I think I’m having an existential crisis, far as I can tell, about my life. Since I’m kinda old, I won’t call it mid-life. But I’m having it anyway. (By the way, this started out as an email to a few friends, then I remembered “naked honesty” so it ended up here.)
I was bubbling along after my transplant, feeling great, happy that was all done and thought I was on to the life I had been dreaming about during 11 years of being sick. Then around October I began to feel sad and anxious, just blue. It didn’t make sense to me – well, except about money which was running out and I couldn’t get work. Otherwise, my daily life was excellent. But then one day I woke up from a nap sobbing and couldn’t stop. I called Adrienne, who lives in Denver, and after a few minutes, she asked, “Are you having a panic attack?” I had no idea how to answer that since I’d never had one. We decided that’s what it was. I just had tylenol and that doesn’t fix panic attacks but I took some anyway.
I went to see my internist and told her about it, she prescribed a few Xanax and referred me to a therapist who saw people (just women, it was a women’s clinic) in that clinic. I saw her and she suggested I was depressed. How could I be depressed, I asked, I just had a liver transplant that I’ve been wanting for years? Well, it happens. I had never been depressed before and two other therapists I’d had long-term in the past said I didn’t get depressed, I got sad. With sadness, I could process through that in about a week or so, and there certainly weren’t any accompanying panic attacks.
So, long story short. She sent me to someone who could see me long-term (which I really didn’t want) and that woman told me I was grieving. OH. I could buy that. Grieving the loss of more than a decade of my life to a really crapass disease that stole my career (first thing, right out of the blocks), my condo and the neighborhood I loved, made it impossible to buy another car (mine is 21 years old now, but it runs fine), and gave me two brushes with death in the hospital that each scared about 10 years out of me, and isolated me from life and friends and beauty and nature because I was too fatigued and busy being sick to enjoy any of what was my former life. I got that. So I’m grieving my former life and all the losses that a bad illness can bring into a person’s life.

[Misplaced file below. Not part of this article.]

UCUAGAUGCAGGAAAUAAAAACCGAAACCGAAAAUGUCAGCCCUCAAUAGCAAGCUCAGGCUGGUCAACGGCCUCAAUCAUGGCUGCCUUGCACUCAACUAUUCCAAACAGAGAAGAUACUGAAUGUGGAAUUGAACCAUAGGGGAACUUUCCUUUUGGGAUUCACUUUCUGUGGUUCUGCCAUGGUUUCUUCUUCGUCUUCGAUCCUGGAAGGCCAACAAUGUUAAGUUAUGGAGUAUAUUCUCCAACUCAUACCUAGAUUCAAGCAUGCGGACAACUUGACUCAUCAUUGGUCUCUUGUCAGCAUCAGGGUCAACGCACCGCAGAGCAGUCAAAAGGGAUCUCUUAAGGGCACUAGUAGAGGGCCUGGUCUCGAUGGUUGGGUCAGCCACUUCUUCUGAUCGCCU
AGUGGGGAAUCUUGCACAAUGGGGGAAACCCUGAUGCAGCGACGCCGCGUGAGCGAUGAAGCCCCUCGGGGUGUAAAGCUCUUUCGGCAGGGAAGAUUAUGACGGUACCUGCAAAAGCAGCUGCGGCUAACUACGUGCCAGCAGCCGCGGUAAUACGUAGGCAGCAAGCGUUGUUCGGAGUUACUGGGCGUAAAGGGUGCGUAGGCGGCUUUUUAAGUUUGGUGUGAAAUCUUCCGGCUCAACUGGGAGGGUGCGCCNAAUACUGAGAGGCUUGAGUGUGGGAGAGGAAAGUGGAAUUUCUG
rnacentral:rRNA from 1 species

I’m sure you’ve watched others who have experienced chronic, debilitating disease and seen what it can do. I survived mine. I’m very fortunate for that. And I thank everything and everyone possible who helped make that happen – if not aloud, quietly to myself and in my journal. And I’m thanking each one of you now who prayed for me (even though you know I’m not a religious person – spiritual yes, though a lot of my belief evaporated then would return, then go away again), who cheered me up, who treated me like a normal person (even though deep down you know for certain I really am a Crazy Person – truly), who were friends through all the hard times and the good times.
I’ve had three panic attacks now. One was really bad and I had all kinds of physical symptoms with it. That day I called the transplant office at Cleveland Clinic and my beautiful, wonderful, loving transplant coordinator Tracey Raleigh recognized what was going on right away, and she talked me down and was just kind and loving – she took half an hour out of her busy day to just chat with me. Once again, I want to move to Cleveland just to be near those incredible, compassionate, highly competent people at Cleveland Clinic. I hardly need them anymore, but I just want to be there ….. in case.
I’ve been reading a lot of inspirational books and watching videos and listening to podcasts of inspiring people – a guy named James Altucher who introduced me to some great ideas and people (including Tony Robbins who is a crazy man but totally awesome), Wayne Dyer, and some local people I know personally. For a couple of months I couldn’t write at all. But then I started reading Steven Pressfield’s “The War of Art” (from James Altucher) and that got me back in the game. I’m working on my transplant guidebook and promised Tracey a first draft when I go to Cleveland in May. But truthfully, I’d rather write the romance novels. They’re just fun and funny and I want to entertain people more than anything. I want to help people who are chronically ill, too – along with their caregivers – but I’d much rather make someone smile or laugh. So I’m working on one of the two novels I wrote while I was still sick – the one about the surfer dude and his jazz musician girlfriend in Hawaii – because it really was too sappy even for me. And I want to publish it – end of summer? Something like that. I have plans.
If you know anyone who is or has gone through a long chronic illness (mine had an endpoint, too), please please don’t forget them, don’t leave them out, and simply reach out to them. What is said about long, big illnesses in the U.S. is – just not enough. You literally lose big chunks of your life that really matter a lot to you. And you don’t get them back. And I’m going to finish that transplant guidebook and publish that and promote it through transplant centers in the U.S. It’s going to be short because sick people don’t have time for wordiness – which this missive is getting to be.
I’m not writing to you for sympathy or money or anything tangible. Just for more of the love you’ve been sending me over the many years we’ve known each other. And in return I am sending you a fleet of aircraft carriers full of gratitude and love your way.
*“You may ask yourself, Well, how did I get here?”
—“Once in a Lifetime” by David Byrne